Skier sues 8 year old over collision last year

Discussion in 'Up to the Minute' started by hipmamajen, Dec 20, 2007.

  1. hipmamajen

    hipmamajen I love the friends I have gathered together on thi

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    Maybe I'm reading this all wrong, but this guy sounds like a real jerk.

    8-Year-Old Named In Ski Lawsuit

    An 8-year-old and his father are being sued by a skier who says the boy collided with him at Beaver Creek last winter.

    David Pfahler, 60 of Allentown, Penn., says he tore a tendon in his shoulder in the crash with Scott Swimm. He and his wife have filed a lawsuit in federal court seeking damages over $75,000 for physical therapy, vacation time and other expenses.

    He's suing now over a collision from last year? And the accident was supposedly bad enough that he's asking for $75K, but the little kid didn't get hurt? Puh-lease.
     
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  3. Paladin

    Paladin Former Member

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    Why does the 8 year old need to be hurt in order to make this man's injuries seem believable to you?

    It makes sense to me to sue a year later. How is he to know the extent of the damages right away?
     
  4. bnhall

    bnhall Former Member

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    The article is pretty vague about what actually happened. I have never been snow skiing so I have no idea. Was the kid acting inappropriately in trying to pass?
     
  5. MagicRose99

    MagicRose99 Watch out for my thorns!

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    I think the guy is out to get money... the article states:

    "Colorado law says a minor can't be sued so the court will likely dismiss the portion of the case against Scott, a third grader."

    So he is probably trying to settle with the insurance company(ies)...

    This whole thing reminds me of the jerk who ran over the little girl skating with his bicycle then turned around and tried to sue her... he lost and so will this idiot.
     
  6. Paladin

    Paladin Former Member

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    Wait, so if an adult messes you up and you're stuck with a pile of medical bills, it's okay to sue that person, but if it's a kid, you're supposed to let it slide? I don't think so.

    The case of the biker was different. He could have gone around the child on the sidewalk. In this instance, the kid ran into the man. It's completely different.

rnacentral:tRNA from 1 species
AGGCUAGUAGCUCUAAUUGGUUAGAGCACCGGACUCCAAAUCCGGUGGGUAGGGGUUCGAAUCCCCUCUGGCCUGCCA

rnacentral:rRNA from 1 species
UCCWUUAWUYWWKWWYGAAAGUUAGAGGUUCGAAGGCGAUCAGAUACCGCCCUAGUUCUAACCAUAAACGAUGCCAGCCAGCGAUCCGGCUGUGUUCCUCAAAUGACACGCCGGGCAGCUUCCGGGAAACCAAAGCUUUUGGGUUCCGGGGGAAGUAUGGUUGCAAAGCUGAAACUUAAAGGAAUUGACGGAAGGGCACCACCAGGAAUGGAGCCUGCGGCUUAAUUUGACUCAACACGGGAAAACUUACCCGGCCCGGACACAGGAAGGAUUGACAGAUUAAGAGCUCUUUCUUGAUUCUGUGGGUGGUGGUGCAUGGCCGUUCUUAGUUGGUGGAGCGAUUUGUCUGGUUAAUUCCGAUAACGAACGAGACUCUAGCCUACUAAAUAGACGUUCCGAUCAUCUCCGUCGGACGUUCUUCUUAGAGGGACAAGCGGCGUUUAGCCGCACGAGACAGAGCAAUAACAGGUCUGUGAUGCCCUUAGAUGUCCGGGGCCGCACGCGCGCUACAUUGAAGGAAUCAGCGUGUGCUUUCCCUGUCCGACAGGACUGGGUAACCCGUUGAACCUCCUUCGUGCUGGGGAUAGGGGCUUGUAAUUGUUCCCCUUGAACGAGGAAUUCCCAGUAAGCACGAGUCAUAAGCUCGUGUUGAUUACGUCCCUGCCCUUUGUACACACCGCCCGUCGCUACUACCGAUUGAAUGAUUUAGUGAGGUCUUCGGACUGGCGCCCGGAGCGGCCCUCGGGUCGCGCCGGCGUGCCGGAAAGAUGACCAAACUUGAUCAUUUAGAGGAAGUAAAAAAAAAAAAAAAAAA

7. golfmom

    golfmom Former Member

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  8. Masterj

    Masterj New Member

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    A kid who only weighs 48 pounds can still do damage if he crashed into the other skier causing him to fall and injure himself. It's not like the kid just ran over part of the back end of the guy's skis - he ran into the guy's boots while they were both moving. I guess it really depends on how fast the boy was skiing.
     
  9. golfmom

    golfmom Former Member

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    From the article, I'm not aware of skiing etiquette ... is it wrong to pass on the right?

    "He says Pfahler was skiing ahead of his son and that his son was trying to pass Pfahler on the right when he turned into him."
     
  10. angelmom

    angelmom The love stays...forever in our hearts

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    I'm not really into any sports where this is an issue, so I am not taking sides...just asking a serious question:

    At what point when you ski (or something similar) do you assume the risk that you might be hurt in an accident? Are they claiming that the 8-yo was malicious or negligent and that it was any more than an unfortunate accident?

    Does this man not have his own health insurance?

    I only ask b/c the people I know who ski have all been injured in some way - from really minor stuff to major injuries requiring surgery and/or rehab. I don't recall anyone ever having to sue.
     
  11. Paladin

    Paladin Former Member

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    No, but you generally want to refrain from running into someone or clipping someone.

    I think $75k is a bit excessive btw.
     
  12. JBean

    JBean Retired WS Administrator